Archives for posts with tag: garden art

Today we found a fun and different market in our neighborhood park (Minatogawa park) – arts and crafts, music, food, and coffee and….




Coffee ceremony


The adress to an organic tea grower near Nara. 

Nan bread with spinach curry lunch

Nan bread oven

The main pretence for our trip to Japan was to visit Arashiyama (on the outskirts of Kyoto) during the autumn leaf festival!
So far the autumn leaves haven’t impressed me much. Yesterday was a bit rainy, so we went today. We picked a good day. It was sunny with intermittent showers and a cold north wind. Arashi mountain itself was not so colorful, but there were huge crowds of locals and turists to see the autumn leaves. 


After walking all over the place we decided to finish the day with the gardens of Tenryuji Temple.


On the way there, we followed the crowd going in to see the gardens of Hogonin Temple. What a magnificent discovery! A fantastic moss garden canopied with maple trees in every shade of green, yellow, orange and red, complete with a couple of gardeners constantly brushing the falling leaves off the moss. 


Tenryuji had equally impressive gardens with moss, maple trees, water flows, a carp pond, rocks, fences and bamboo groves. 


At the end of the day. We were cold and tired and didn’t bother to go into the temple, but did catch a glimpse of this guy and then had to head back to the ryokan.

There are a few more objects of art in the garden.

The stone I got for a birthday present has been raised. 


Farmer Ericsson brought over a cement tub. 


This will sooner or later be rolled into the gothic greenhouse, tipped upright and filled with water for watering, and water art. 


I had a bunch of cement pipe holes laying around that I didn’t have any use for. Why not make a garden cairn?

This old stump needed a flat sone on top. 

The destination of our trip was Gunillaberg, an estate run by the danish floral artist Tage Andersen. The weather was a perfect mix of grey clouds, rain and even some sun.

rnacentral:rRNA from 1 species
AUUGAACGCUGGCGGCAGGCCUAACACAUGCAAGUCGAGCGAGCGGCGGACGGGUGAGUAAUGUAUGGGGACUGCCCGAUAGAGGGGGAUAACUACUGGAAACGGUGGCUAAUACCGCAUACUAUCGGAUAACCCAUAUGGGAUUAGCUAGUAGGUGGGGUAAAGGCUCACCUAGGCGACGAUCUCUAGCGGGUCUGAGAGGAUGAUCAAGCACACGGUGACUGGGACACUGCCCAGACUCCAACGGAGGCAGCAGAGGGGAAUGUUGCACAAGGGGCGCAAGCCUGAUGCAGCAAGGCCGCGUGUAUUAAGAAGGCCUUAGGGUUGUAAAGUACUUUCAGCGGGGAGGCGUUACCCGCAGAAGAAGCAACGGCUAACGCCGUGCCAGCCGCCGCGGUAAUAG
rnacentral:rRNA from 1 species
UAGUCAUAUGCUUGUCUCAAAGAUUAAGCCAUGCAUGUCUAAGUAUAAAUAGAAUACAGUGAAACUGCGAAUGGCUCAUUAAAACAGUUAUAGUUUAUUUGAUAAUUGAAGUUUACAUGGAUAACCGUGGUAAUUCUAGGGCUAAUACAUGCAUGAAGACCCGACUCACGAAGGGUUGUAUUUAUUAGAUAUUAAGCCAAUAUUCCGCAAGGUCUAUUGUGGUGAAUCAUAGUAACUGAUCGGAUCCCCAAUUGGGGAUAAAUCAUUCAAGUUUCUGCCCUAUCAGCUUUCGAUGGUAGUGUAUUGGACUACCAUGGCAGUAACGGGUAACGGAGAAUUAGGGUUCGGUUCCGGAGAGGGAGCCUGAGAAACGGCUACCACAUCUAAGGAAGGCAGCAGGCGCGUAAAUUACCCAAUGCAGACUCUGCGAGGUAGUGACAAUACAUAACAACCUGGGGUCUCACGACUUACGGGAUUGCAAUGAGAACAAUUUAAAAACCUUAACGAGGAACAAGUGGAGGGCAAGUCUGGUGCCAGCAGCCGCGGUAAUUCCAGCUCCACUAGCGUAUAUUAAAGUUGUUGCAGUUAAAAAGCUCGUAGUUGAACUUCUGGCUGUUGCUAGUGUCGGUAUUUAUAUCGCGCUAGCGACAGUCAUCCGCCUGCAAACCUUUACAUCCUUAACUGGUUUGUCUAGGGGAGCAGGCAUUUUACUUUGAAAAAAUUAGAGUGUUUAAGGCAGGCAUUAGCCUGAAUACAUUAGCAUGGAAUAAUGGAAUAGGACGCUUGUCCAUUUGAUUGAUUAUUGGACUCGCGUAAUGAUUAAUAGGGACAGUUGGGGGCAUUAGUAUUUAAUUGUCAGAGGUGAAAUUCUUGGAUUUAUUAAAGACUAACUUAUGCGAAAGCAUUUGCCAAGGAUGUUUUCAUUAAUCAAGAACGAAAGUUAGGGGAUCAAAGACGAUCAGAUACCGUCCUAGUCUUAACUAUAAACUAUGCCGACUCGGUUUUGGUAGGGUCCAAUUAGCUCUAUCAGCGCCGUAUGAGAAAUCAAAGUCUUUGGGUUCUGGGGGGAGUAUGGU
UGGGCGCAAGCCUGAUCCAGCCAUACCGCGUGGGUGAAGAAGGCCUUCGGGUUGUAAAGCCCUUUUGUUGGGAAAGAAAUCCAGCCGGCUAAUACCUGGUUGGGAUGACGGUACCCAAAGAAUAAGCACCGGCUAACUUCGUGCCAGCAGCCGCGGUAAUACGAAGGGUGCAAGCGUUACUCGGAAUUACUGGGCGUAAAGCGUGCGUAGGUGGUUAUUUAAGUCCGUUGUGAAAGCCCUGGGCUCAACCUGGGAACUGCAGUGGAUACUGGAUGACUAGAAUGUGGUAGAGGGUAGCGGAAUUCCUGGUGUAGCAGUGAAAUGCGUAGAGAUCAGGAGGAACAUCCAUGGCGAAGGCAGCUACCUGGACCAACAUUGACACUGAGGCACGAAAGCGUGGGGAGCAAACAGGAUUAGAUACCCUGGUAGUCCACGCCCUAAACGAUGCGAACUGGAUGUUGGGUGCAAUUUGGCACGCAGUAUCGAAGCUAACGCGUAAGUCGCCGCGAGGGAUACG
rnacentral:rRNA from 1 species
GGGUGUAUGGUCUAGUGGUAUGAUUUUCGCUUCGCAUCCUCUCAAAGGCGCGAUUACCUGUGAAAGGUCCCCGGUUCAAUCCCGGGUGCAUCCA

There are lots of animals of various old fashion species and races that keep the grass perfectly trimmed. 



A wild profusion of trees, bushes, shrubs, weeds and flowers




Art



And gobs of garden art


For many people the high point might be a concert in the conservatory


Or one of Tages pastries in the outdoor cafe


Or a visit to the outhouse.

 

Some art left behind

 

Taking it easy again

Round things  
  
  
  
There is a lot of dead ash and elm trees on the farm. They are gradually being cut down for fire wood. I help a bit and get some good logs for sculpting. 

 And garden art ideas 
  
  
  
  
 
  
  

  
 
  
 

Yesterday we took a trip to Preston Washington, where among things, there was a fabulous stone company – Marenakos Rock Center.

There was a fantastic expo of stone building, stone art and garden art.  
  
 
  
 
  
 

  
  
  
 
  
 

 

 

  
 

I only wish I could take some home.

I went to an art exhibition in Enköping the other day – 8 young artists. There where a couple of objects fitting for a garden. 

Another rabbit to go along with all the other actual rabbits. 

 Joanna Brisegård

A fox made of porcelain shards probably wouldn’t frighten them away.  

 Joanna Brisegård

But a  mechanical bird might. I’m sure it could be rigged to flap by wind power. It would also have to be  made to be easily disasembled when wind storms come. 

Fredrik Eriksson

Like the storm that is supposed to hit us tomorrow – remnants of the giant storm that hit east cost US a few days ago. 

A few days ago we spent a rainy afternoon viewing the summer art exhibition at Rånäs Slott (Rånäs Castle).

 

Much of the art was in the park.   
  
  

  
   
These twig pods had microphones sending out animal sounds powered by solar cells and batteries and other electronics protected from the rain in boxes with glass covers. 

 

Lots of green vegetation, water, art and archetecture. Here, bows of morning glories over a canal.